Note by Ho Kay Tat, Publisher and Group CEO of The Edge Malaysia:
Most Malaysians would be familiar with the expression, “Ipoh mali”, used to refer to someone who hails from the capital city of the Silver State. But I now challenge everyone to “Ipoh pergi” or “go to Ipoh”. Why? There are many reasons. Although Ipoh has long suffered from middle child syndrome, so called due to its location right smack between Kuala Lumpur and Penang, both well established as key tourist spots, it is fast coming into its own as a destination to be reckoned with.
My own memories of Ipoh are plentiful and joyful. My mother’s brother lived there and I remember enjoying many exciting childhood journeys by train as a wide-eyed tot accompanying my mother — obeying the adage of “where mother goes, I go”, as all youngest children are wont to do — on regular visits to see kinsfolk.
My uncle operated a hotel and bar, like many Hainanese used to do in the 1960s and 1970s. It was called Sun Cheng Tin and located at the corner of Clare Street (now called Jalan Mustapha Al-Bakri) near Jubilee Park, the equivalent of KL’s BB (Bukit Bintang) Park where young and old went for their respective day and night entertainment.
As my uncle had a big family, holidays to Ipoh invariably revolved around playing with my cousins, including two elder boys who played rugby for the state, and endless rounds of makan.
The food in Ipoh is renowned across the region for good reason. And, until today, although everyone raves about famous favourites like chicken rice with bean sprouts and the like, I harbour a particularly soft spot for its nasi kandar. There is, of course, the famous stall at Yong Suan in Jalan Yang Kalsom hawking the cheekily named nasi ganja and which is always packed to the rafters. But my personal preference is for Salim’s, on the other end of the road. If I’m en route to Penang, where my wife is from, I never fail to make a pitstop here.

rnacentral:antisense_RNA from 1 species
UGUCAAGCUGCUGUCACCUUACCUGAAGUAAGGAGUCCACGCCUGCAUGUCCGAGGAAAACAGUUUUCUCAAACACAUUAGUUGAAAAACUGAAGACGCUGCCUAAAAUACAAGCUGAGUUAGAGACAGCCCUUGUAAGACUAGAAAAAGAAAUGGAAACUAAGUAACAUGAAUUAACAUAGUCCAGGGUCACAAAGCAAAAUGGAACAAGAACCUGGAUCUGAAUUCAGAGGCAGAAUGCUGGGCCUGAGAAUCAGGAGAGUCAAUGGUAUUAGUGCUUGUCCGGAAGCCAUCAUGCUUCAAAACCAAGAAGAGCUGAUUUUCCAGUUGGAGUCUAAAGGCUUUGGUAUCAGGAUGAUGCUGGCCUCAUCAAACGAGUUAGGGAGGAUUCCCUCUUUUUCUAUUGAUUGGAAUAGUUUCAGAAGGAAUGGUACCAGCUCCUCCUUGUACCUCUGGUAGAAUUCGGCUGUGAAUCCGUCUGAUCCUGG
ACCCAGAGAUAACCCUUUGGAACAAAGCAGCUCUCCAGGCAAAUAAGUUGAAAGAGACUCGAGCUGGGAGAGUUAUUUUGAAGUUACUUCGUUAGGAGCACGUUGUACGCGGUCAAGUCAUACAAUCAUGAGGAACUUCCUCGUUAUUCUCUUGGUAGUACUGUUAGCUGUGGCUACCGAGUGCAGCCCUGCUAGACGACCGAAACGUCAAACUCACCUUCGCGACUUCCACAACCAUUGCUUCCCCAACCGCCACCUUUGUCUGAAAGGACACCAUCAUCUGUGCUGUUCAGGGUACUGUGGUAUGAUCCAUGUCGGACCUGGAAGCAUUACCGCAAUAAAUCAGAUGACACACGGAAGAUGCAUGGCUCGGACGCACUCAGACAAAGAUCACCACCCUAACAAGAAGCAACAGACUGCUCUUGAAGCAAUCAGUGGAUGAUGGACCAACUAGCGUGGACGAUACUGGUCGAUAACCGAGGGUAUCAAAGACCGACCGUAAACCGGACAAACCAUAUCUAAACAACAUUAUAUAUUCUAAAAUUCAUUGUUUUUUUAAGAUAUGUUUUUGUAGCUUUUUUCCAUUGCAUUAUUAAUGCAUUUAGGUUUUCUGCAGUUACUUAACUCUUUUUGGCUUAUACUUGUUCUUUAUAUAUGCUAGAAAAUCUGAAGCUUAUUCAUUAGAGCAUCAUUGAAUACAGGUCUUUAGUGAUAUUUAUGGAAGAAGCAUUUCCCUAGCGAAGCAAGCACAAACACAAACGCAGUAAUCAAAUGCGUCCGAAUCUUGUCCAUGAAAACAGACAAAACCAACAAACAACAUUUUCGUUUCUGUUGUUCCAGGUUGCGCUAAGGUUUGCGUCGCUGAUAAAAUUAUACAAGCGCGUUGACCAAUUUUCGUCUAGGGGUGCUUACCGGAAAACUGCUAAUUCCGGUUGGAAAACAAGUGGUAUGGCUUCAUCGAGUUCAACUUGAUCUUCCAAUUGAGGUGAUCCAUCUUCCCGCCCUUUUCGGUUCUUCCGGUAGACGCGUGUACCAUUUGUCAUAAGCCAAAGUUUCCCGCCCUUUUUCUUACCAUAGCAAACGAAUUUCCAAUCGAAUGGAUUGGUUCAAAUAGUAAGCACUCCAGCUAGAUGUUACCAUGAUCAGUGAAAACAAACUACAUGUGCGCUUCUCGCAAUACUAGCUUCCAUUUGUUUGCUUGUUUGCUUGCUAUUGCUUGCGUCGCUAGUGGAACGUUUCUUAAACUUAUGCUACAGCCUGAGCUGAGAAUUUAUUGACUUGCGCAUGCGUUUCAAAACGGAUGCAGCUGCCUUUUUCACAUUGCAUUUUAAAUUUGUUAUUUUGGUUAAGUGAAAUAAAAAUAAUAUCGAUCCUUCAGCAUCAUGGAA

Ipoh has also been undergoing a slow and steady transformation over the last decade and, given the influx of investments and talent into the city, there are now innumerable reasons to consider it for a getaway versus a mere stopover. From the cultural offerings to the heritage architecture, world-class cuisine, personable people and languid lifestyle, it makes perfect sense to plan a visit post-haste. Ipoh is, after all, less than a two-hour drive from KL or Penang and a short direct flight from Singapore.
We hope this special magazine, put together by our executive editor, Diana Khoo, and her Options team, with its features on the generational businesses that continue to thrive in Ipoh, the gustatory offerings, hip hotels, interesting things to see, do and experience and cool café culture, will inspire you to go forth and explore.
As famous fellow editor Diana Vreeland, not Khoo this time, once remarked, “The eye has to travel.” But isn’t it so much better if all the senses follow suit? That is what life is about, isn’t it? We hope our pages excite and that you enjoy Ipoh.
Watch our video in collaboration with Mercedes-Benz, which took us around Ipoh in style:
Videography: Shepherd Pictures
Coordination: Kong Wai Yeng
Featured personalities: Chin Choon Yau, Chan Kok Keong. Yau Wai Leong, Yap Fu Fah, Ng Sek San and Kamil Merican.
'Ipoh' is complimentary with every purchase of The Edge Malaysia (July 30 issue). Look out for the magazine on news stand from July 28 onwards or subscribe here.